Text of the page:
The Making Of 'The Shining' Was A Bigger Nightmare Than The Film's Story
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The Making Of 'The Shining' Was A Bigger Nightmare Than The Film's Story

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Vote up the most intriguing stories from the making of Stanley Kubrick's horror classic.

All kinds of horrific events occur in Stanley Kubrick's The Shiningbut the madness didn't end when the cameras stopped rolling. In fact, the horrors that took place behind the scenes may have helped to make the on-screen insanity feel more palpable for viewers. 

Adapting Stephen King's story took a toll on all involved, and there are plenty of stories about making The Shining that sound absolutely excruciating. Combine a notoriously obsessive director, a major star tackling a challenging role, and some complex visual imagery, and you're in for a remarkably taxing year of filming. Kubrick, Jack Nicholson, Shelley Duvall, and the rest of the cast and crew survived a real-life nightmare to deliver one of the best horror movies ever made.


  • 1
    23 VOTES

    A Secretary Had To Type One Phrase Onto Hundreds Of Pieces Of Paper

    The clue that proves Jack Torrance has gone mad is revealed when his wife Wendy peeks at the book he has allegedly been working on. Instead of finding a manuscript, she sees hundreds and hundreds of pieces of paper bearing the same sentence: "All work and no play makes Jack a dull boy."

    Stanley Kubrick wanted the scene to be visually unsettling, which meant that the audience had to see writing on a large number of pages. His personal secretary, Margaret Warrington, was instructed to type that phrase onto 500 of pieces of paper. (And then she had to do it again in four different languages to account for foreign releases of the film!) The task was undoubtedly grueling, and it took months to accomplish, yet it adds immeasurably to the impact of the scene.

    23 votes
  • 2
    21 VOTES

    There Was Only One Chance To Do The Twins' Death Scene

    Lisa and Louise Burns play the Grady daughters, those creepy twin girls who are spotted looming mysteriously around the Overlook. They also appear in one of the film's most gruesome scenes, as they're shown after having been murdered with an ax. It's a vital scene, and Stanley Kubrick had exactly one chance to get right.

    In 2015, the now-grown sisters told The Daily Mail that the shot of them lying in a pool of blood was one of the last to be filmed. There was only one set of the signature blue dresses they wear, and drenching them in fake blood was sure to ruin them. 

    The director had to plan the scene very carefully, as there was no room for a retake. Working against his usual multi-take instincts, Kubrick did indeed get the shot he wanted, and produced one of the picture's most memorable moments.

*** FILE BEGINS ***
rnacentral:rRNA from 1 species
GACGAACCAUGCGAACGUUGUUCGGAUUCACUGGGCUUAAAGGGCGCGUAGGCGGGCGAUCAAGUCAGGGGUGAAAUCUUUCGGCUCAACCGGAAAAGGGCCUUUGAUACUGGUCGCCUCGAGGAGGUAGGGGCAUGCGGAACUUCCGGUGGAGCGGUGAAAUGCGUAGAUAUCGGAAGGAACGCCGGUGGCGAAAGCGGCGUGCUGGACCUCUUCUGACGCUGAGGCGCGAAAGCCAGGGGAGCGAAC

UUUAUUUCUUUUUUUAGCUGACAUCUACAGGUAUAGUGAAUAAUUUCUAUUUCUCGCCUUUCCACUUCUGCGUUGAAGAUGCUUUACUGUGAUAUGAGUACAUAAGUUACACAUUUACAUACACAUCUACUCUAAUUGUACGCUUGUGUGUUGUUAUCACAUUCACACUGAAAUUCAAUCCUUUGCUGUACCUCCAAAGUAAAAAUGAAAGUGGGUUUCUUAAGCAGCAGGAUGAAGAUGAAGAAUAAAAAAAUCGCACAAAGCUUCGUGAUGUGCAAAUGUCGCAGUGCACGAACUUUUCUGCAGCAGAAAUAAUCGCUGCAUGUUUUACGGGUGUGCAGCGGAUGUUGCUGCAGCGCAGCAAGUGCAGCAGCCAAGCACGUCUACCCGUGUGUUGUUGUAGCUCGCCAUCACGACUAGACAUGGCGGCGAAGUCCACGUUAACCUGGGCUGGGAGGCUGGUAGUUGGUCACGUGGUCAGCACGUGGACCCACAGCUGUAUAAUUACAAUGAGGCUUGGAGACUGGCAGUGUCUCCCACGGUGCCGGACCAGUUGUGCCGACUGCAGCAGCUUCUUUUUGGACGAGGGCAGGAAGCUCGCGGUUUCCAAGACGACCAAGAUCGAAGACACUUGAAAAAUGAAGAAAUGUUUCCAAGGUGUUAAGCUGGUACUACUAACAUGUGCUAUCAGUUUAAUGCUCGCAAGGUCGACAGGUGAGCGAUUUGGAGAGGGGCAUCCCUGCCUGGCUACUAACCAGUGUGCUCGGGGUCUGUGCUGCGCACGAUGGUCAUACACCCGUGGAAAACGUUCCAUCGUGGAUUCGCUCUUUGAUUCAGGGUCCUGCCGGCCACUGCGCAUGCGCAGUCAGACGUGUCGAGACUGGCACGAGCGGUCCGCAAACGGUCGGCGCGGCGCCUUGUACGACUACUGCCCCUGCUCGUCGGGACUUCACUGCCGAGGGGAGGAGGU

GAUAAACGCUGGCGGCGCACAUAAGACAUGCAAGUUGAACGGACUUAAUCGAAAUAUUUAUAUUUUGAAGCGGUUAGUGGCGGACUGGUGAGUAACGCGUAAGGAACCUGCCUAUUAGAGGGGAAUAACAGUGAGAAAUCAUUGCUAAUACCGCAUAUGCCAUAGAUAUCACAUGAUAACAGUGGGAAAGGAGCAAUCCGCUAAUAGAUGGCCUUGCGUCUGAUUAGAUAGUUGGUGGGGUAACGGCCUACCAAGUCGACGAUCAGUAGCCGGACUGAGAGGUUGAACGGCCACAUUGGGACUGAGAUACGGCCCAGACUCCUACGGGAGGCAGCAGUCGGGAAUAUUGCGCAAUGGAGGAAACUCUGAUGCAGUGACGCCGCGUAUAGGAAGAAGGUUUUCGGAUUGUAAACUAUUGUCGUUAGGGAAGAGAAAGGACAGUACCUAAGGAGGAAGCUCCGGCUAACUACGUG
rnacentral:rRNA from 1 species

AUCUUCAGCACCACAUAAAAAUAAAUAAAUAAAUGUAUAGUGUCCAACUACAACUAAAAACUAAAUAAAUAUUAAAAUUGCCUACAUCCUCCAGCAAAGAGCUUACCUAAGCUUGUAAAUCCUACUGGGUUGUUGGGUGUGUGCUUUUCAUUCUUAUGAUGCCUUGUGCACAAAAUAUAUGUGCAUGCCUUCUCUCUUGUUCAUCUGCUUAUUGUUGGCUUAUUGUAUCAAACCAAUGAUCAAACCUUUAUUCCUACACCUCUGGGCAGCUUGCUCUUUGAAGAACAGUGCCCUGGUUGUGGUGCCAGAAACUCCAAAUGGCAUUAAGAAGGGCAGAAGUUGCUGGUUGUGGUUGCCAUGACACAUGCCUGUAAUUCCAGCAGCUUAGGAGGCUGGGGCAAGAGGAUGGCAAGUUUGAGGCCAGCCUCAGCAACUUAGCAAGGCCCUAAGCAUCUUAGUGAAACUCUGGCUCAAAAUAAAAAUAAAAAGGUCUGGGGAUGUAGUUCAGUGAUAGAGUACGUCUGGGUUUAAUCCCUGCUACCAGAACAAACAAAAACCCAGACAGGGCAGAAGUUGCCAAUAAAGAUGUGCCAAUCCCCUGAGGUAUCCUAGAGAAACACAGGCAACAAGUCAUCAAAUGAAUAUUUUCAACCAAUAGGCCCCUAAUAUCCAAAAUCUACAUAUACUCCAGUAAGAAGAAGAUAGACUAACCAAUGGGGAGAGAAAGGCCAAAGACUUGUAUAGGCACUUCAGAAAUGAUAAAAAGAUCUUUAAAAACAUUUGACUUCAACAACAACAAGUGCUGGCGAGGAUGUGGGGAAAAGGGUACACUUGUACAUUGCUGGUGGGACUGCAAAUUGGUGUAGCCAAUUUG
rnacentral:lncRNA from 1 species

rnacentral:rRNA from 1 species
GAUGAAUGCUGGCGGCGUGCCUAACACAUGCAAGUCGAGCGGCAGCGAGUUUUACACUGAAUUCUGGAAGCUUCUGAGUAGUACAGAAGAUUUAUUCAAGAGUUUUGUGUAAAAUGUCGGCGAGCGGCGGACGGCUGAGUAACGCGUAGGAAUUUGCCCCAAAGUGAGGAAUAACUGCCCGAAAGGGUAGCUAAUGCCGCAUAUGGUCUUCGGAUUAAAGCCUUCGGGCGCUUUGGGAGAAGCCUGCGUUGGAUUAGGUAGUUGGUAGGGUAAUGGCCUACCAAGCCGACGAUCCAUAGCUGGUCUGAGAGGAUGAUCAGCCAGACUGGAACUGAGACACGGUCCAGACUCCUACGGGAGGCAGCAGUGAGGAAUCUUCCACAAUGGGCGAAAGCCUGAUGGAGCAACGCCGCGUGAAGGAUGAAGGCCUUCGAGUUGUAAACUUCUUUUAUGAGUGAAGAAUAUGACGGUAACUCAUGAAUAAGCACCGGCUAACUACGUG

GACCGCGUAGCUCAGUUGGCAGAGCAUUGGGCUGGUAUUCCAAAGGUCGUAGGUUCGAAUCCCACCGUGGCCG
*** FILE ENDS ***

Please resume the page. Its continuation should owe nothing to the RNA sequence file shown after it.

21 votes
  • 3
    20 VOTES

    Kubrick's Fear Of Flying Prevented Him From Shooting Certain Scenes

    Stanley Kubrick was notoriously afraid of flying, so he filmed his movies in London, where he also lived. That made it a little difficult for him to direct shots that couldn't be replicated in his hometown.

    Exteriors for The Shining were photographed in Oregon and Montana, where Kubrick refused to go because it necessitated flight. A separate crew had to shoot all the outdoor imagery for him, and he was not physically there to supervise any of it.

    Considering how in-control Kubrick liked to be, it's somewhat surprising to learn that he allowed others to take charge of shots that are pivotal for setting the movie's eerie tone. 

    20 votes
  • 4
    19 VOTES

    Kubrick Changed The Ending After The Film Was Already In Theaters

    The Shining ends with Wendy and Danny escaping, leaving Jack behind, frozen in the snow. Back inside the Overlook Hotel, the camera slowly zooms in on a framed photograph that shows Jack at the New Year's Eve Ball in 1921. However, at one point, a slightly different ending was in the works. 

    Frequent Pixar director Lee Unkrich runs a fan site dedicated to The Shining, and posted some cut pages of script that detail an alternate ending. In this extra scene, Wendy wakes up in a hospital, and is told by Jack's boss, Stuart Ullman, that no evidence of the creepy things she reported was found at the Overlook. Stuart then gives Danny a ball similar to the one Jack plays with earlier in the movie.  

    One week after The Shining opened in theaters, Stanley Kubrick had a change of heart about the two-minute coda. He ordered the scene to be cut from all prints in release and destroyed, so that it could never be reinstated. 

    19 votes
  • 5
    29 VOTES

    Kubrick Required A Ludicrous Number Of Takes

    Stanley Kubrick knew what he wanted, and he didn't stop until he got it. Doing multiple takes of scenes is common on movie sets, but Kubrick took things to a whole new level. The shot of Shelley Duvall waving a baseball bat in front of Jack Nicholson required 127 tries for the director to feel satisfied. Another shot, in which Scatman Crothers explains his character's ability to "shine" to child actor Danny Lloyd, was done 148 times.

    29 votes
  • 6
    28 VOTES

    Stanley Kubrick Drove Scatman Crothers To Tears

    Scatman Crothers has a small but pivotal role in The Shining; he plays Dick Hallorann, the Overlook Hotel's psychic cook. Although the actor has since praised Stanley Kubrick for his directorial skills, the two had at least one tense moment while on-set. For the scene in which Hallorann shows Danny and Wendy around the hotel kitchen, Kubrick demanded an endless string of takes. Around take 85, a frustrated and exhausted Crothers broke down in tears. He reportedly pleaded, "What do you want, Mr. Kubrick? What do you want?" 

    28 votes